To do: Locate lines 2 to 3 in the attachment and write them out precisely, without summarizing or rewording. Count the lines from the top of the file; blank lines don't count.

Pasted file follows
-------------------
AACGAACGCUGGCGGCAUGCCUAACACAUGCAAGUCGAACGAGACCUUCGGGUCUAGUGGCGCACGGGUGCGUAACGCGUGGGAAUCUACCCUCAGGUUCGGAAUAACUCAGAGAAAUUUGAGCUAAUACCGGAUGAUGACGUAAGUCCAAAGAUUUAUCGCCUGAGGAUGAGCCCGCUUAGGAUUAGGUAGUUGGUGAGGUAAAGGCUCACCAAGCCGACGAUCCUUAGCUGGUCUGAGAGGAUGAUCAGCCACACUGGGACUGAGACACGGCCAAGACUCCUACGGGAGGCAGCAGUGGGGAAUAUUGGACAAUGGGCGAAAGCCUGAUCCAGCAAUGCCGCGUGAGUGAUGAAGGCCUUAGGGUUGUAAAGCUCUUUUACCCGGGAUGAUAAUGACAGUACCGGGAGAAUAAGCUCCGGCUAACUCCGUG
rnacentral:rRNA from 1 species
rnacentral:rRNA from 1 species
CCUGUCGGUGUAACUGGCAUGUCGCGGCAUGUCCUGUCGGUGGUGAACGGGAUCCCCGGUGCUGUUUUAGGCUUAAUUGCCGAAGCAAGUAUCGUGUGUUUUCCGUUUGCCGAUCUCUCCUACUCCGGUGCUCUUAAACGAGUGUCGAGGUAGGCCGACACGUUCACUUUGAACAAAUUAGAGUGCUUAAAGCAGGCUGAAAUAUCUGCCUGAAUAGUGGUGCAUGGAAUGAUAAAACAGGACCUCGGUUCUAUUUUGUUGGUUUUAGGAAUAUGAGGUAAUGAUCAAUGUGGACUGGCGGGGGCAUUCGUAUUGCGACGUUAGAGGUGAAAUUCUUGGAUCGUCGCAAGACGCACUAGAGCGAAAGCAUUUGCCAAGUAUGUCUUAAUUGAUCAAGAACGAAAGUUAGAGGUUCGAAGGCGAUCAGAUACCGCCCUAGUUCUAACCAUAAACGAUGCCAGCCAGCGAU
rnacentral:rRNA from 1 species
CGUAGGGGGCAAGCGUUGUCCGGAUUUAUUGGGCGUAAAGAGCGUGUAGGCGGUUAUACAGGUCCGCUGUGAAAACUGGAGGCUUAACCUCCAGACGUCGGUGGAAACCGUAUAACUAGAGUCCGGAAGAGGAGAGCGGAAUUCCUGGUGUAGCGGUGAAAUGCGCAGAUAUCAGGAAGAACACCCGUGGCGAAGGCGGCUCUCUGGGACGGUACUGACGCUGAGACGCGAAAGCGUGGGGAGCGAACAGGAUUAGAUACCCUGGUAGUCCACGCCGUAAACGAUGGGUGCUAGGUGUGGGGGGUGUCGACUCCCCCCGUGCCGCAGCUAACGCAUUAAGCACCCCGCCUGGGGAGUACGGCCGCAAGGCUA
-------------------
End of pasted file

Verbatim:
rnacentral:rRNA from 1 species
rnacentral:rRNA from 1 species